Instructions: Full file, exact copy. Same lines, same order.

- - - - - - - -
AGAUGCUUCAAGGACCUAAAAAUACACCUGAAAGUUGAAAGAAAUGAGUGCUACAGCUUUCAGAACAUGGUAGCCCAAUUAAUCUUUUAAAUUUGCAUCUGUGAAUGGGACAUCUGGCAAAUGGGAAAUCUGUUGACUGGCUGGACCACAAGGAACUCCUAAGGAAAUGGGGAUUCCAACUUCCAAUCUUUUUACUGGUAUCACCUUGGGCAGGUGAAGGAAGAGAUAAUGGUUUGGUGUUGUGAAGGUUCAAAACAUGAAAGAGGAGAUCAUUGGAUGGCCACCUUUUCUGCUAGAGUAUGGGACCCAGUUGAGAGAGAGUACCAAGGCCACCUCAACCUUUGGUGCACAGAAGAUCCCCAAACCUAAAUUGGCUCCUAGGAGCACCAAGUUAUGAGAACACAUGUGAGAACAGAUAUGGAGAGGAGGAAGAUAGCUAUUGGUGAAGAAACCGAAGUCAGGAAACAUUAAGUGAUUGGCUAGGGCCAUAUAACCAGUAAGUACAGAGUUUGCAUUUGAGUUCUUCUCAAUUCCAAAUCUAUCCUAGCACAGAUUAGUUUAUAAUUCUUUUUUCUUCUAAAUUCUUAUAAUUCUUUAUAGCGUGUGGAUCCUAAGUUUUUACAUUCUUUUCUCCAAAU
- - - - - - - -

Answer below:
AGAUGCUUCAAGGACCUAAAAAUACACCUGAAAGUUGAAAGAAAUGAGUGCUACAGCUUUCAGAACAUGGUAGCCCAAUUAAUCUUUUAAAUUUGCAUCUGUGAAUGGGACAUCUGGCAAAUGGGAAAUCUGUUGACUGGCUGGACCACAAGGAACUCCUAAGGAAAUGGGGAUUCCAACUUCCAAUCUUUUUACUGGUAUCACCUUGGGCAGGUGAAGGAAGAGAUAAUGGUUUGGUGUUGUGAAGGUUCAAAACAUGAAAGAGGAGAUCAUUGGAUGGCCACCUUUUCUGCUAGAGUAUGGGACCCAGUUGAGAGAGAGUACCAAGGCCACCUCAACCUUUGGUGCACAGAAGAUCCCCAAACCUAAAUUGGCUCCUAGGAGCACCAAGUUAUGAGAACACAUGUGAGAACAGAUAUGGAGAGGAGGAAGAUAGCUAUUGGUGAAGAAACCGAAGUCAGGAAACAUUAAGUGAUUGGCUAGGGCCAUAUAACCAGUAAGUACAGAGUUUGCAUUUGAGUUCUUCUCAAUUCCAAAUCUAUCCUAGCACAGAUUAGUUUAUAAUUCUUUUUUCUUCUAAAUUCUUAUAAUUCUUUAUAGCGUGUGGAUCCUAAGUUUUUACAUUCUUUUCUCCAAAU